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Evaluating a Program to Reduce Child Maltreatment and Intimate Partner Violence

Date Published
March 10, 2011

In 1999, the National Council of Juvenile and Family Court Judges published Effective Intervention in Domestic Violence and Child Maltreatment Cases: Guidelines for Policy and Practice, more commonly known as "the Greenbook" because of its green cover. A roadmap for collaboration, the Greenbook presents guidelines designed to "eliminate or decrease the risks that battered mothers, caseworkers, and judges must take on behalf of children".[1]

NIJ and three agencies under the U.S. Department of Health and Human Services conducted an evaluation of a 5-year demonstration project called the Greenbook Initiative. The Greenbook Initiative provides a framework for helping families that are experiencing both child maltreatment and domestic or intimate partner violence. A collaborative approach among child welfare agencies, courts, and other parties can enhance family safety and well-being by responding to the entire family rather than an isolated victim.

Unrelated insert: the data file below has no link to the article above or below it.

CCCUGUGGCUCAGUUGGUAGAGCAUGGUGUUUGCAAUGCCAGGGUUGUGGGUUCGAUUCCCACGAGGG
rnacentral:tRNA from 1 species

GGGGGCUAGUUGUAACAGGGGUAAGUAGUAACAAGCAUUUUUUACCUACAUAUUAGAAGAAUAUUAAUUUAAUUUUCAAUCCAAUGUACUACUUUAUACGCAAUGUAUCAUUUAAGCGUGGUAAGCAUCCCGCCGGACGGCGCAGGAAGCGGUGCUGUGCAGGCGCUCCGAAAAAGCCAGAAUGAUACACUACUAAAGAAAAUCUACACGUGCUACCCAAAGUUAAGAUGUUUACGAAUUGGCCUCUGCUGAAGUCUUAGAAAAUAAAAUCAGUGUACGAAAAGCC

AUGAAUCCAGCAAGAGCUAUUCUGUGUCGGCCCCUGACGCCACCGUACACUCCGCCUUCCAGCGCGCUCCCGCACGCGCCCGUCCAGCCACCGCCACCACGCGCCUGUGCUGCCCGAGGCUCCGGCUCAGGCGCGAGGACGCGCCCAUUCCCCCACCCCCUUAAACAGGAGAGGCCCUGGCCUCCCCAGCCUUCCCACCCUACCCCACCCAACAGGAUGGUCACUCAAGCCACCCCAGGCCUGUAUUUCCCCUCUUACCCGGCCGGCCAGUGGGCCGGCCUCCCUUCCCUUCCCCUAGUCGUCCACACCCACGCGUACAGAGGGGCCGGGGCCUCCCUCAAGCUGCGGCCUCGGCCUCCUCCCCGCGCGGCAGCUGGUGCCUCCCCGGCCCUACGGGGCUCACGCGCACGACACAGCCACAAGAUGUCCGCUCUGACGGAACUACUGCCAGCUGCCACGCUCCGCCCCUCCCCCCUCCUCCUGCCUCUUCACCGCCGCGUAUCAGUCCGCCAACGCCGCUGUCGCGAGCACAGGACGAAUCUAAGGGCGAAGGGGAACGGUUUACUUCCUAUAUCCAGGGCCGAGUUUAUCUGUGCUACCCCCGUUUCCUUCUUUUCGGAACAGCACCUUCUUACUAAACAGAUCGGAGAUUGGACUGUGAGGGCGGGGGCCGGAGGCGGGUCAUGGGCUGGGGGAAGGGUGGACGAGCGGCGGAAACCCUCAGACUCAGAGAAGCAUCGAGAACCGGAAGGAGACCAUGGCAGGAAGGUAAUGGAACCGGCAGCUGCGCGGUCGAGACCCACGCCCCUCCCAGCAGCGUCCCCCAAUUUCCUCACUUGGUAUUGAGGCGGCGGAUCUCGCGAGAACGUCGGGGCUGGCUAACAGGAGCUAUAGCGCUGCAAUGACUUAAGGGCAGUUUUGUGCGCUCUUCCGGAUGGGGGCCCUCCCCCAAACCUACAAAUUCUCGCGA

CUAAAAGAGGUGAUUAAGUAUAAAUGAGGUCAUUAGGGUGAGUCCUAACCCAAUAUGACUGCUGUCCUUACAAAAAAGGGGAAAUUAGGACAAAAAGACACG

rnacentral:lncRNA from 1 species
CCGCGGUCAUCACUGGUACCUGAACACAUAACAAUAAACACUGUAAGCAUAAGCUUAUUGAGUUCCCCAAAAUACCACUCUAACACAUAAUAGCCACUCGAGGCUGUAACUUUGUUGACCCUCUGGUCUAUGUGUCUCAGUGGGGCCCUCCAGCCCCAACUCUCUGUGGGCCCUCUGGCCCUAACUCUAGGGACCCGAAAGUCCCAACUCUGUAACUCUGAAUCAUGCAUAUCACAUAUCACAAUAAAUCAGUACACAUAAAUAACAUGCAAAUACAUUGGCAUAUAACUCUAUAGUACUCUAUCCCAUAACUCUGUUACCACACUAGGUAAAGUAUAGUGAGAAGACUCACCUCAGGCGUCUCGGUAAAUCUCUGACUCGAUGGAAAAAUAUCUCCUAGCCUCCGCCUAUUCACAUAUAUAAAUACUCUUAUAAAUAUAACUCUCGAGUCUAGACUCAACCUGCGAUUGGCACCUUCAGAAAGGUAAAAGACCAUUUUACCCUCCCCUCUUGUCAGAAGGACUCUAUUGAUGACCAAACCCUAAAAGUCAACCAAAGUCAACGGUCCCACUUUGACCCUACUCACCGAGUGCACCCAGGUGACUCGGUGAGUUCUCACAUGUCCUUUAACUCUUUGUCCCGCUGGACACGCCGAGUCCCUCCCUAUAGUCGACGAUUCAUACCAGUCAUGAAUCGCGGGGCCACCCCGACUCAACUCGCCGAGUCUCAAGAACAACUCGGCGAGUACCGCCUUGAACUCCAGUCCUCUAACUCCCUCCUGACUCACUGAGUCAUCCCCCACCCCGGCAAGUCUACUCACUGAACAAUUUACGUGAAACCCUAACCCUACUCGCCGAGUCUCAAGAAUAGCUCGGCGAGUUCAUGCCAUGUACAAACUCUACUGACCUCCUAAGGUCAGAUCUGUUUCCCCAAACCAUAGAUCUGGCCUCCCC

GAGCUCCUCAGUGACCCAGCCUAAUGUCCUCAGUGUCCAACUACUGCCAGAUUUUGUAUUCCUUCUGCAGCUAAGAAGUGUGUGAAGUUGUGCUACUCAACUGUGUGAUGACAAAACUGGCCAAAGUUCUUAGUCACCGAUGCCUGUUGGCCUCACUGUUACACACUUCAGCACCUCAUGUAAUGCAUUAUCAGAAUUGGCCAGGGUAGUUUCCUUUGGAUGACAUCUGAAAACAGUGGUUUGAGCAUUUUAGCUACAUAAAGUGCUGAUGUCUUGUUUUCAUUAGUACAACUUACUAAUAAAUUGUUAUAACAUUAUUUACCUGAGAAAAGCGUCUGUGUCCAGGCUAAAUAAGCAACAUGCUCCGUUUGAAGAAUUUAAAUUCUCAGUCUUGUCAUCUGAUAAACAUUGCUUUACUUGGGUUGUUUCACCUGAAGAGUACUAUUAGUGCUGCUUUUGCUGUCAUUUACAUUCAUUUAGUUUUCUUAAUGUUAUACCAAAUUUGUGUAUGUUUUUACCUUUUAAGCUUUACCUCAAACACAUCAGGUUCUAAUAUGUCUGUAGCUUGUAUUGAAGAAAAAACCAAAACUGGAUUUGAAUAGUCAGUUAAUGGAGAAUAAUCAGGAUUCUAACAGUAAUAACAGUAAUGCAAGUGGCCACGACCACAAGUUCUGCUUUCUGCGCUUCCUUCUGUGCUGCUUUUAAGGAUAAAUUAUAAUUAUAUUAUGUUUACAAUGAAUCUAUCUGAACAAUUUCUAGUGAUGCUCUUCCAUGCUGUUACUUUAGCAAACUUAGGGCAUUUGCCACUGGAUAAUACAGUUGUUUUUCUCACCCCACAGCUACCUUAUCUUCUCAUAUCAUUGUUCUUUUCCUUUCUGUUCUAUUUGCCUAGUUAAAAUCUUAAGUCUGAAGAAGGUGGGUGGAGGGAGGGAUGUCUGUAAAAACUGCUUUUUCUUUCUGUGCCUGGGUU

At six demonstration sites, child welfare agencies, domestic violence service providers and dependency courts worked together to implement guidelines found in the Greenbook. The demonstration sites agreed to establish collaborative structures and develop policies and procedures to enhance the safety and well-being of battered women and their children. The 5-year evaluation showed that collaboration and cross-training between child welfare agencies, domestic violence service providers and dependency courts resulted in some positive changes in practice, collaboration and relationship building. The extent and types of changes varied across the sites and sustaining new practices proved difficult.       

For more about NIJ's research on domestic violence and children, see page 130 of NIJ's Compendium of Research on Violence Against Women.

About This Article

The research finding presented in this article are based on research funded under grant 2000-MU-MU-0014 awarded to the Caliber Associates.

This article is based on the final report, “ The Greenbook Demonstration Initiative: Interim Evaluation Report” (pdf, 176 pages).


Date Published: March 10, 2011